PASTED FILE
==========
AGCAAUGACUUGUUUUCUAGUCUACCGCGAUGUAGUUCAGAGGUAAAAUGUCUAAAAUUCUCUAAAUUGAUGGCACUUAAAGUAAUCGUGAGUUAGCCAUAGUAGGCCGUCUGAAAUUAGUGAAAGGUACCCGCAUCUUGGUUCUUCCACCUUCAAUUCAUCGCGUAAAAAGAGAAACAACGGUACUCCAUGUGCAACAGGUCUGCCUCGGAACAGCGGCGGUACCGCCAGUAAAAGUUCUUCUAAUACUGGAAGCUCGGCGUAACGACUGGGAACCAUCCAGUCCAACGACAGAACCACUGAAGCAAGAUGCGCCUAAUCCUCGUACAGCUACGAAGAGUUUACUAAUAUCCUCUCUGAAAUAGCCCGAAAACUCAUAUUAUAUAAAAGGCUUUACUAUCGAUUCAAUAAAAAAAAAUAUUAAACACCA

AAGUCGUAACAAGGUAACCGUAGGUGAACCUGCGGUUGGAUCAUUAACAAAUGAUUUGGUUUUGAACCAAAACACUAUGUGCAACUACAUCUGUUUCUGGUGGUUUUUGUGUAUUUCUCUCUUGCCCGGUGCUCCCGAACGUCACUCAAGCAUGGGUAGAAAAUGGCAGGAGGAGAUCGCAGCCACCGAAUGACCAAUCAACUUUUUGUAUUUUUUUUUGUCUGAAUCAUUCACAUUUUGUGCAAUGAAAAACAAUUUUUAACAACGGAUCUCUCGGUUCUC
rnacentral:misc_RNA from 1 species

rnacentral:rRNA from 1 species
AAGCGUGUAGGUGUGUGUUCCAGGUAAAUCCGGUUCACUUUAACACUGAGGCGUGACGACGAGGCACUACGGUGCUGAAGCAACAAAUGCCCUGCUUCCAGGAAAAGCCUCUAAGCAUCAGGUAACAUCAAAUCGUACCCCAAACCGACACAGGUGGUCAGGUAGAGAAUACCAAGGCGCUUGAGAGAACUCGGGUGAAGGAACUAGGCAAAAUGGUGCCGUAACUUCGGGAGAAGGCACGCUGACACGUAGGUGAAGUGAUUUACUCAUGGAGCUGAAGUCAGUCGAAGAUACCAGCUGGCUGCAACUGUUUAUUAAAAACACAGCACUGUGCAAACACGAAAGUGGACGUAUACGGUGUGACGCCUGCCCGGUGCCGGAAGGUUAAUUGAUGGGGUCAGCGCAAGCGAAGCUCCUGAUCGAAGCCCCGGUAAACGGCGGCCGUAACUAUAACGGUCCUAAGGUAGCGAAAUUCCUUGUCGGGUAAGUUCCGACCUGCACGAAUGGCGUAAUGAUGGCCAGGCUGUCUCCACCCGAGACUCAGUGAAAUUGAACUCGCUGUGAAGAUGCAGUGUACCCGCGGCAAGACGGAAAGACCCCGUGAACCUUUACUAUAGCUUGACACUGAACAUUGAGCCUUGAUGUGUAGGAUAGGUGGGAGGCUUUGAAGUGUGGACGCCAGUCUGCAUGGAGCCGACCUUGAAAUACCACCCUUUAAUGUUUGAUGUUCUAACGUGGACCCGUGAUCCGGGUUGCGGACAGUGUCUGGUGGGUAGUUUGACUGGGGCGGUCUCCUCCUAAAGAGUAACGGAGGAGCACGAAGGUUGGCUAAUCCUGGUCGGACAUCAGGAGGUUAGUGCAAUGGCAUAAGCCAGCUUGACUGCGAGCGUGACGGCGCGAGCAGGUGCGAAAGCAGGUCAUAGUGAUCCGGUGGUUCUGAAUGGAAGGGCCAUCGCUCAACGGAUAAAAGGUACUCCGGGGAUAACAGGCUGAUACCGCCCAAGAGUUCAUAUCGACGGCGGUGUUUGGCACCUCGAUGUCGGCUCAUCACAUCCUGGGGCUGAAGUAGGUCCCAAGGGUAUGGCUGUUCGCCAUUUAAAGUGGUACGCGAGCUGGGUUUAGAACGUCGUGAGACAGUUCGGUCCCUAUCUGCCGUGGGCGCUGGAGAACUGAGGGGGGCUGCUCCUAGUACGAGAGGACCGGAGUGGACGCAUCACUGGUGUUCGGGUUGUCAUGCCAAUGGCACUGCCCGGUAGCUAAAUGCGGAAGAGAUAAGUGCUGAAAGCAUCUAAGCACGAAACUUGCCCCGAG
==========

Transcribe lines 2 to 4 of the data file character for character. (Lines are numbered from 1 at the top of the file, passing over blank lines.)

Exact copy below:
AAGUCGUAACAAGGUAACCGUAGGUGAACCUGCGGUUGGAUCAUUAACAAAUGAUUUGGUUUUGAACCAAAACACUAUGUGCAACUACAUCUGUUUCUGGUGGUUUUUGUGUAUUUCUCUCUUGCCCGGUGCUCCCGAACGUCACUCAAGCAUGGGUAGAAAAUGGCAGGAGGAGAUCGCAGCCACCGAAUGACCAAUCAACUUUUUGUAUUUUUUUUUGUCUGAAUCAUUCACAUUUUGUGCAAUGAAAAACAAUUUUUAACAACGGAUCUCUCGGUUCUC
rnacentral:misc_RNA from 1 species

rnacentral:rRNA from 1 species